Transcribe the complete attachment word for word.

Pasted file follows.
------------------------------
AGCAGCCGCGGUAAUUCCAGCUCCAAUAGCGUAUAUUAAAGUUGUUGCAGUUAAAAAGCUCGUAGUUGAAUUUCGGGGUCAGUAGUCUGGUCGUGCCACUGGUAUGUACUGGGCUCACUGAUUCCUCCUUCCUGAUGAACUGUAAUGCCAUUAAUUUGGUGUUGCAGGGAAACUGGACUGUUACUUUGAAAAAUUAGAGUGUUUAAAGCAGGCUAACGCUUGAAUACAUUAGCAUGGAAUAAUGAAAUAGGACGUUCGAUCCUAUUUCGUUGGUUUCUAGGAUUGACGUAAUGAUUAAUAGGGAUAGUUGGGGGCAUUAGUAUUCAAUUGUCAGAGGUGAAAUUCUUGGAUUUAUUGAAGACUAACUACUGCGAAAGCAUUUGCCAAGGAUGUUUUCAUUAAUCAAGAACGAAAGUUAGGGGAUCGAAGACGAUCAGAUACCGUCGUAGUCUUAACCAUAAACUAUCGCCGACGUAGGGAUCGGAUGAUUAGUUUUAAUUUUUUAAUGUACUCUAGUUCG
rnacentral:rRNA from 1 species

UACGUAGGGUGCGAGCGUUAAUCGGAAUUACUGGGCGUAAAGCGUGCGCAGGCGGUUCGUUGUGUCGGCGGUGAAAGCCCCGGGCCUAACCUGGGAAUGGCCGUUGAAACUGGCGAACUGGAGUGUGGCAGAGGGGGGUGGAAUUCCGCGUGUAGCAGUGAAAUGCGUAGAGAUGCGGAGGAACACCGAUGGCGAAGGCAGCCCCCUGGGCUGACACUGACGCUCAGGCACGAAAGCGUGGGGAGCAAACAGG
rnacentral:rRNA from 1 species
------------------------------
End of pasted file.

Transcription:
AGCAGCCGCGGUAAUUCCAGCUCCAAUAGCGUAUAUUAAAGUUGUUGCAGUUAAAAAGCUCGUAGUUGAAUUUCGGGGUCAGUAGUCUGGUCGUGCCACUGGUAUGUACUGGGCUCACUGAUUCCUCCUUCCUGAUGAACUGUAAUGCCAUUAAUUUGGUGUUGCAGGGAAACUGGACUGUUACUUUGAAAAAUUAGAGUGUUUAAAGCAGGCUAACGCUUGAAUACAUUAGCAUGGAAUAAUGAAAUAGGACGUUCGAUCCUAUUUCGUUGGUUUCUAGGAUUGACGUAAUGAUUAAUAGGGAUAGUUGGGGGCAUUAGUAUUCAAUUGUCAGAGGUGAAAUUCUUGGAUUUAUUGAAGACUAACUACUGCGAAAGCAUUUGCCAAGGAUGUUUUCAUUAAUCAAGAACGAAAGUUAGGGGAUCGAAGACGAUCAGAUACCGUCGUAGUCUUAACCAUAAACUAUCGCCGACGUAGGGAUCGGAUGAUUAGUUUUAAUUUUUUAAUGUACUCUAGUUCG
rnacentral:rRNA from 1 species

UACGUAGGGUGCGAGCGUUAAUCGGAAUUACUGGGCGUAAAGCGUGCGCAGGCGGUUCGUUGUGUCGGCGGUGAAAGCCCCGGGCCUAACCUGGGAAUGGCCGUUGAAACUGGCGAACUGGAGUGUGGCAGAGGGGGGUGGAAUUCCGCGUGUAGCAGUGAAAUGCGUAGAGAUGCGGAGGAACACCGAUGGCGAAGGCAGCCCCCUGGGCUGACACUGACGCUCAGGCACGAAAGCGUGGGGAGCAAACAGG
rnacentral:rRNA from 1 species